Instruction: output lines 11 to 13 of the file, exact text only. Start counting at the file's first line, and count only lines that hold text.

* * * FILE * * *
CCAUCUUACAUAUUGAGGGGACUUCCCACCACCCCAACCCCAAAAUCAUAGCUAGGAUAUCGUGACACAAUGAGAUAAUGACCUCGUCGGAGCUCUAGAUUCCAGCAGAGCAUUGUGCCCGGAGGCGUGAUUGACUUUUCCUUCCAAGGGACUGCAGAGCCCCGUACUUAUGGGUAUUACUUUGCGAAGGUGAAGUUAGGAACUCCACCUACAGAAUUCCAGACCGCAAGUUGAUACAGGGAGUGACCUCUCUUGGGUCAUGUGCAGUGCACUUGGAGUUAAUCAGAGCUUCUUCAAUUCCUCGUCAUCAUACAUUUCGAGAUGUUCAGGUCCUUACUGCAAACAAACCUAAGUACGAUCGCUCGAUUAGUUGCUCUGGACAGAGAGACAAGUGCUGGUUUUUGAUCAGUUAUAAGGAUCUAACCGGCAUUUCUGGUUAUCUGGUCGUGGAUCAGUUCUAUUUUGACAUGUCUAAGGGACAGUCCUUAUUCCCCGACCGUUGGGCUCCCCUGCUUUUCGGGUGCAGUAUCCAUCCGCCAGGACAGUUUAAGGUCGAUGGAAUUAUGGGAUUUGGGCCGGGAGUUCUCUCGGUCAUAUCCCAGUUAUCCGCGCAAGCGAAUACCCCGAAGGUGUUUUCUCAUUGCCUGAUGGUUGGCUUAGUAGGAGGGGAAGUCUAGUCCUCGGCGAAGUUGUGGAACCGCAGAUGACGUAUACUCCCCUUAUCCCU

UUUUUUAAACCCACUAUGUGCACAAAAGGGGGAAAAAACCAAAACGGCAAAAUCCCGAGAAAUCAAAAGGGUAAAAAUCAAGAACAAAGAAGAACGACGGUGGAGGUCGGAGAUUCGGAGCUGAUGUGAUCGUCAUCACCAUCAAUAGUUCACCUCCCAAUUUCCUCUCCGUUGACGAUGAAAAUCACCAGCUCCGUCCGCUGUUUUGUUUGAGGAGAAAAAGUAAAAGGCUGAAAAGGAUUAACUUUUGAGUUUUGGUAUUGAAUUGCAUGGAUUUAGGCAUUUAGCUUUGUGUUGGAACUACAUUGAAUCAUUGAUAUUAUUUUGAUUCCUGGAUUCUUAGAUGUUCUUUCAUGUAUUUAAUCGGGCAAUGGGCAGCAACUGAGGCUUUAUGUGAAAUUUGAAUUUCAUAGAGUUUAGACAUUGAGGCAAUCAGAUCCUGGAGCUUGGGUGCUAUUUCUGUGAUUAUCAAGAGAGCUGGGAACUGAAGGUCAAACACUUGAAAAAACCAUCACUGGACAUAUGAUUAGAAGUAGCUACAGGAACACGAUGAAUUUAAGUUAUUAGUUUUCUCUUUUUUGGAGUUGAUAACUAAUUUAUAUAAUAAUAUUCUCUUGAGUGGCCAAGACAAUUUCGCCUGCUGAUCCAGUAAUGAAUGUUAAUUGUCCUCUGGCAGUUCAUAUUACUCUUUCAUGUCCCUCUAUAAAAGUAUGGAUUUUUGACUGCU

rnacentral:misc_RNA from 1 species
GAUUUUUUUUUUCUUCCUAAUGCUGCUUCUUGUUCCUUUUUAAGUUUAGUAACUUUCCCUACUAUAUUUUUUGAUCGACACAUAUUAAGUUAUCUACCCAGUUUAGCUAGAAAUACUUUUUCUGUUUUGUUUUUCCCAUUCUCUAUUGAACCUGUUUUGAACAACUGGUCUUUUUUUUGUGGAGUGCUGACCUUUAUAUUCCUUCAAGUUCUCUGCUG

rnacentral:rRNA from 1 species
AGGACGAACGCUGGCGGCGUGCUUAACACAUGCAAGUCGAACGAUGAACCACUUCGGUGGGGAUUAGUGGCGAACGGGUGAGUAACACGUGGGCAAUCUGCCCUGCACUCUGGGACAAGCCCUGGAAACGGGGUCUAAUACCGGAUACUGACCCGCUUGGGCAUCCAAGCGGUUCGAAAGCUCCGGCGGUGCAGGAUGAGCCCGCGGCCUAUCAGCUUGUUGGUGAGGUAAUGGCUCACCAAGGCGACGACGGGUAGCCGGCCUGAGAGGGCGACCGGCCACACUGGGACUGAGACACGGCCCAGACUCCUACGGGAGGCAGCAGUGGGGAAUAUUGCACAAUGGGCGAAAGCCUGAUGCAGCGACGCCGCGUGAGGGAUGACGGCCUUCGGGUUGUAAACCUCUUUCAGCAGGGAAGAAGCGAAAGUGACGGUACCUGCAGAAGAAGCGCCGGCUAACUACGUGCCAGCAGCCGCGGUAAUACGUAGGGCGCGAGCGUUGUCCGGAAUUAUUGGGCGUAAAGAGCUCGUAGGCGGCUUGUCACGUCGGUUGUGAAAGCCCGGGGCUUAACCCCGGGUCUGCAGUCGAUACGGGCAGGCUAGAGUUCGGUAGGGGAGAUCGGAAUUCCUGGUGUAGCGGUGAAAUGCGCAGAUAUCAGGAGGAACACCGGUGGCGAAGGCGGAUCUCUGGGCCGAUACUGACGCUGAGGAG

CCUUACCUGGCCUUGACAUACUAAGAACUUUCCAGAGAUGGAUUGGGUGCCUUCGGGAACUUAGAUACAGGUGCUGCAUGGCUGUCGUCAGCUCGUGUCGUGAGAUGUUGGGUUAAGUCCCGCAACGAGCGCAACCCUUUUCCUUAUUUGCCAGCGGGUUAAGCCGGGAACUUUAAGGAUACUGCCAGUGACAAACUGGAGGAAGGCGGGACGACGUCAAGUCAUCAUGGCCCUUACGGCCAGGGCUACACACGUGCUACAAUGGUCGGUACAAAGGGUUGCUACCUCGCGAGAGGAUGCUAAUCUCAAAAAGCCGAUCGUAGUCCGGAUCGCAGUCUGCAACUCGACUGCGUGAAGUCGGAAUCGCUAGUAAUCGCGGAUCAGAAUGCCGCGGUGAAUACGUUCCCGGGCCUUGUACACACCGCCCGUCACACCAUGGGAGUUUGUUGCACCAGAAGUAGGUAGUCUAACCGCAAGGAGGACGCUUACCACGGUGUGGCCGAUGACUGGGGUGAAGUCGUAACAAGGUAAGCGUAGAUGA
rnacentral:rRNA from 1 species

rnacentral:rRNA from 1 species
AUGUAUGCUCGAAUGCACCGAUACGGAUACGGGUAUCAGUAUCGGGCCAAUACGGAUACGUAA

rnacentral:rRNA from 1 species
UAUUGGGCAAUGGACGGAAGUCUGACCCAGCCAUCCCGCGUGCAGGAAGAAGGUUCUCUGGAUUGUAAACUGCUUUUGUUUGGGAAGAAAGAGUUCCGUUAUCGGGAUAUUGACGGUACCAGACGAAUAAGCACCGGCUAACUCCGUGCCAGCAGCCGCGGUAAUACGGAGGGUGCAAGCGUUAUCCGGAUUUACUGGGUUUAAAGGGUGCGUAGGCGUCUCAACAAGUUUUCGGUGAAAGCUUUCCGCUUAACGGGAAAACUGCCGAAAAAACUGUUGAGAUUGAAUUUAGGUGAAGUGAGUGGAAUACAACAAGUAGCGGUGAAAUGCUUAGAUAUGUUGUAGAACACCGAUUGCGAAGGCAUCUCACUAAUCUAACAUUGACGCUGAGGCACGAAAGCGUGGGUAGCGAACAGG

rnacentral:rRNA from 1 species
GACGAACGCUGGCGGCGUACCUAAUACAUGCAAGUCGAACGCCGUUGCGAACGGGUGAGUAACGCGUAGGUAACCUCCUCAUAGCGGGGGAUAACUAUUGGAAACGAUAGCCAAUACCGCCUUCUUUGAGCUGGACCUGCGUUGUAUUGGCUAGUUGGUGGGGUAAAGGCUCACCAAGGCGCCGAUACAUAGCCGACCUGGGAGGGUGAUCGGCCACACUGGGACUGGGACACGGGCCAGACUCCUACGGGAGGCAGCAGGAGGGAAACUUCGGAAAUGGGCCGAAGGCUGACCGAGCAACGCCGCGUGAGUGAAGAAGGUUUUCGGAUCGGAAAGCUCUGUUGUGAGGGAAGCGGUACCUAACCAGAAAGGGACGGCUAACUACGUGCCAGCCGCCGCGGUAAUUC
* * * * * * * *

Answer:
rnacentral:rRNA from 1 species
UAUUGGGCAAUGGACGGAAGUCUGACCCAGCCAUCCCGCGUGCAGGAAGAAGGUUCUCUGGAUUGUAAACUGCUUUUGUUUGGGAAGAAAGAGUUCCGUUAUCGGGAUAUUGACGGUACCAGACGAAUAAGCACCGGCUAACUCCGUGCCAGCAGCCGCGGUAAUACGGAGGGUGCAAGCGUUAUCCGGAUUUACUGGGUUUAAAGGGUGCGUAGGCGUCUCAACAAGUUUUCGGUGAAAGCUUUCCGCUUAACGGGAAAACUGCCGAAAAAACUGUUGAGAUUGAAUUUAGGUGAAGUGAGUGGAAUACAACAAGUAGCGGUGAAAUGCUUAGAUAUGUUGUAGAACACCGAUUGCGAAGGCAUCUCACUAAUCUAACAUUGACGCUGAGGCACGAAAGCGUGGGUAGCGAACAGG

rnacentral:rRNA from 1 species